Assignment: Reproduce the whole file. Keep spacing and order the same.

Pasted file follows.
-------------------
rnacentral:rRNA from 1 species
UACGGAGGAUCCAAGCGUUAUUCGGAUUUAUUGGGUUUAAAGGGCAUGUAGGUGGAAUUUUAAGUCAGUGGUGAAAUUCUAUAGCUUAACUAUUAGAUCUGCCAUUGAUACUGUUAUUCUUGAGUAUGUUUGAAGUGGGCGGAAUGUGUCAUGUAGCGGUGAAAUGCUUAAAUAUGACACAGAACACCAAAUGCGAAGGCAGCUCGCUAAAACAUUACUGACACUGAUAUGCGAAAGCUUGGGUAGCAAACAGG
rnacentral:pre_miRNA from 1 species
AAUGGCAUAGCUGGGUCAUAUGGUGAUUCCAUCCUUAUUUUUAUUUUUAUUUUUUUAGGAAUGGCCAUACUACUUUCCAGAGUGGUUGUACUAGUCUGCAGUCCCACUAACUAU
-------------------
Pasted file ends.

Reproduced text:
rnacentral:rRNA from 1 species
UACGGAGGAUCCAAGCGUUAUUCGGAUUUAUUGGGUUUAAAGGGCAUGUAGGUGGAAUUUUAAGUCAGUGGUGAAAUUCUAUAGCUUAACUAUUAGAUCUGCCAUUGAUACUGUUAUUCUUGAGUAUGUUUGAAGUGGGCGGAAUGUGUCAUGUAGCGGUGAAAUGCUUAAAUAUGACACAGAACACCAAAUGCGAAGGCAGCUCGCUAAAACAUUACUGACACUGAUAUGCGAAAGCUUGGGUAGCAAACAGG
rnacentral:pre_miRNA from 1 species
AAUGGCAUAGCUGGGUCAUAUGGUGAUUCCAUCCUUAUUUUUAUUUUUAUUUUUUUAGGAAUGGCCAUACUACUUUCCAGAGUGGUUGUACUAGUCUGCAGUCCCACUAACUAU